Career Awareness

April 10, 2017

Mayo mentors build confidence, introduce tech appeal to young Technovation participants

By Career Awareness

From left to right are Julia-Rose Anderson and Maren Mader — both of Center for Innovation — and Zulbiye Jorgensen, Center for Connected Care.

Mayo mentors build confidence, introduce tech appeal to young Technovation participants

When Zulbiye Jorgensen, project manager, Center for Connected Care, began mentoring a team of Byron, Minnesota, high school girls in 2016 as part of the international Technovation Challenge, she asked the girls what careers they were considering.

“Every single one of them said they wanted to do something in medical; it’s a no-brainer with Mayo Clinic right there,” says Jorgensen, who lives in Byron.

But the girls' sights were set on different employment options by the end of the program. The Technovation Challenge invites teams of middle and high school girls to identify a community need, develop a mobile app to meet that need, devise a business plan to launch the project, and create a video pitch.

“One of the four decided she was going to be doing something in design, and the other girls said, ‘Wait a minute, I could actually have my own business and develop a product, and make an impact in the community,’” Jorgensen says. The team she mentored, which included her daughter, Maia Jorgensen, calls itself Volunteerium.

Brenna Hartman, one of Volunteerium’s members and a junior at Byron High School, says she had always been determined to follow her parents’ path and become a physician.

But after participating in the Technovation Challenge, during which she and her teammates created an Android-based app that connects volunteers seeking opportunities with organizations that need help, Hartman’s future is not as certain.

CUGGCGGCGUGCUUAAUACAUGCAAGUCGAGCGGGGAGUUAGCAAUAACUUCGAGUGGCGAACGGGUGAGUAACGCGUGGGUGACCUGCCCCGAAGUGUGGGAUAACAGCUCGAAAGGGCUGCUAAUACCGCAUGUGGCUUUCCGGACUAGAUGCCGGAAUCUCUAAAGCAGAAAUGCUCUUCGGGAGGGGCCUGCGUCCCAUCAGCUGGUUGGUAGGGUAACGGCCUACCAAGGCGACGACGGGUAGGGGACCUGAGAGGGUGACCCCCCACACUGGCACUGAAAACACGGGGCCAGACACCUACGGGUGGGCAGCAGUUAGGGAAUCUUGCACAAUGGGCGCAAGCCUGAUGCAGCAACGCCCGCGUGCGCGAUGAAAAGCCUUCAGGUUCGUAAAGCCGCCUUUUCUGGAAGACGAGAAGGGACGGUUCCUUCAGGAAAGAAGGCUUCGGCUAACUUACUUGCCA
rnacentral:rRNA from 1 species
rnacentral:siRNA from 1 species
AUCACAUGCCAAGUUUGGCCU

“I’ve been thinking about careers where I could tie in both health care and this type of computer engineering to become a biomedical engineer,” says Hartman, who knew nothing about computer science prior to Technovation.

Opening the girls’ minds to their potential in computer and technology-based fields is the aim of the challenge, which was established in 2010 and gives teams the chance to compete to win a $10,000 award to fund their product. This year, 16 staff members are mentoring Rochester-area teams through the challenge, which runs through the end of July and requires a time commitment of upward of 50 hours per year.

“We’re trying to catch girls in middle school and high school, while they are still receptive, to show them they’re good at this,” says Virginia McCright, Information Technology, who helped bring the program to Mayo Clinic three years ago. “Computer science is a good career, and there are so many girls walking away from it.”


Across the country, more women than men earn bachelor’s degrees, but the number who pursue degrees in computer science is still comparatively low. Just 16 percent attained computer science degrees in 2015, according to federal data.

Volunteerium’s team photo was taken when they attended Technovation’s regional event in Minneapolis in May 2016. From left to right are Taylor Kreitinger, Brenna Hartman, Maddie Harris and Maia Jorgensen.

“In school in my first programming class I was the only girl, and that was in 2003,” says Technovation mentor Maren Mader, Center for Innovation, who is an analyst programmer. “When I first started my career, it really felt that being young and female meant you had to prove yourself a little more. It took a lot of confidence to stand up for myself, which I didn’t have at first.”